Just a 30 minute drive from Saint John is the New River Beach Provincial Park.  I had not been there before and it had been quite a few years since Joel had.  We had beautiful weather a couple Saturdays ago so Joel and I decided to grab our backpacks, a picnic lunch and some sunscreen and headed out to hike the nature trail.


I’m so glad we did.

The New River Beach Nature Trail highlights everything I love most about living along the Bay of Fundy.  The salty sea air, the cool bay breeze, sandy beaches and magical forest paths.  I find there is something so peaceful about a walk in the woods.  When you combine that with the soothing sounds and sights of the ocean and you have complete bliss.

The trail is made up of two main loops that meet in the centre, like a figure 8.  It’s well maintained with lots of boardwalk and follows the coast most of the way, offering really stunning views of the Bay of Fundy and the New River Island Nature Preserve.





There are lots of places to stop and take a break along the way with several lookouts and wooden benches built along the trail.




On the way back, you hike through a bog where you can see carnivorous Pitcher plants.  The trail was pretty soggy with all the recent rain we’d had but it’s probably dried out quite a bit since then.  It’s an easy trail with perhaps some moderate sections further out.  We hiked the whole trail and the footstep counter on my phone said that it was 7 km in total.  Plus when you’re finished hiking, you can walk over and soak up the sun at New River Beach.

The weather looks great this weekend, ideal for checking this trail out.  If you would like more information about hiking trails in New Brunswick, check out  It’s a wonderful resource for all things hiking in New Brunswick.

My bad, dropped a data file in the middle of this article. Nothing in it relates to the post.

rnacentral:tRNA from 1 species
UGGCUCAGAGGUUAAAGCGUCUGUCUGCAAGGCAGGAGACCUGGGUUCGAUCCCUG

Happy Trails!

Canada Love

Today this blog might as well be called Canada Love.

It’s all love, all day.  That’s because it’s Canada Day!  The one day where Canadians go wild with red and white pride and plaster that classic maple leaf everywhere (except maybe during the Olympics).

And we have good reason to be proud.  We have an embarrassment of natural riches in this country, and so much space to roam that it’s ridiculous.  We are the second largest country in the world, with the largest amount of water area and the most coastline.  It’s no wonder we’re such water-loving fools.  Our landscape is also incredibly diverse: from the red clay soil of PEI to the forests of Quebec to the expanse of the prairies to the majestic Rocky Mountains to the lonely arctic tundra.  It’s all impossibly beautiful.

People like to find fault with the places where they live.  It’s natural.  To complain is human.  And that’s one of the ways we make things better.  Canada is not perfect, but we have freedoms and opportunities that some people in the world can only dream of.

We should never forget that.

In Canada, girls are free to go to school and become whatever they want to be.  We are free to protest the decisions of our government without fear of persecution or death. Our country is run by people that we elect.  Medical care is considered a right, not a privilege.  People are free to love who they choose.

There is a quote about Canada on the wall of the Peace Tower in Ottawa that has always resonated with me and so beautifully sums up our country:

“No Canadian can stand and look at this cluster of buildings (…) without feeling that somewhere on this Hill, perhaps by a happy accident, architects, masons and stone carvers have managed to grasp and materialize the beauty of Canada, the vastness of its land, its loneliness, its youth and its hope” – Bruce Hutchison, The Unknown Country, 1944.

I love this country.

I love it for its beauty but also for so many other things.

I love our commitment to living peacefully and helping others to do the same.  I love our diversity.  We are a mish-mash of cultures and backgrounds and I love that we are always ready to welcome more.  I love that we believe the less fortunate of our population deserve to have their basic human rights met, and we are willing to work a little harder to ensure it.  Mostly, I love Canada for its hope.  A hope that there is a future where many cultures can live harmoniously together through mutual respect and cooperation.  As Bono famously said recently, “The world needs more Canada”.

I couldn’t agree more.

Here’s a song I usually play every Canada Day, from a proud Maritimer and Canadian, Classified.  Happy Canada Day!